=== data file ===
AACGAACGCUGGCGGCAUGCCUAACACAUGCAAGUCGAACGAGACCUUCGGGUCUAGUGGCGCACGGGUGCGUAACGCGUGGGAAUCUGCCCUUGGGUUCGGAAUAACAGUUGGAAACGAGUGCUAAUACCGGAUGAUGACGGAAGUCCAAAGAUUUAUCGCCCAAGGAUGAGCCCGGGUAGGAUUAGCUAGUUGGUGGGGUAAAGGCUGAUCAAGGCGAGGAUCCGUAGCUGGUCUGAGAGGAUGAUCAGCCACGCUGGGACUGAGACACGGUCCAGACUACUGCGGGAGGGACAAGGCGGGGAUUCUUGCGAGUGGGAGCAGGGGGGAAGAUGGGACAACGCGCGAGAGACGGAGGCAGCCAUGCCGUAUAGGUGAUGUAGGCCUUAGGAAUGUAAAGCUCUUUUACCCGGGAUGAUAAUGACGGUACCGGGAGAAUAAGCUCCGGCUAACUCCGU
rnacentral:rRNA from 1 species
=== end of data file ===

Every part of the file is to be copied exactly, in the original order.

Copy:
AACGAACGCUGGCGGCAUGCCUAACACAUGCAAGUCGAACGAGACCUUCGGGUCUAGUGGCGCACGGGUGCGUAACGCGUGGGAAUCUGCCCUUGGGUUCGGAAUAACAGUUGGAAACGAGUGCUAAUACCGGAUGAUGACGGAAGUCCAAAGAUUUAUCGCCCAAGGAUGAGCCCGGGUAGGAUUAGCUAGUUGGUGGGGUAAAGGCUGAUCAAGGCGAGGAUCCGUAGCUGGUCUGAGAGGAUGAUCAGCCACGCUGGGACUGAGACACGGUCCAGACUACUGCGGGAGGGACAAGGCGGGGAUUCUUGCGAGUGGGAGCAGGGGGGAAGAUGGGACAACGCGCGAGAGACGGAGGCAGCCAUGCCGUAUAGGUGAUGUAGGCCUUAGGAAUGUAAAGCUCUUUUACCCGGGAUGAUAAUGACGGUACCGGGAGAAUAAGCUCCGGCUAACUCCGU
rnacentral:rRNA from 1 species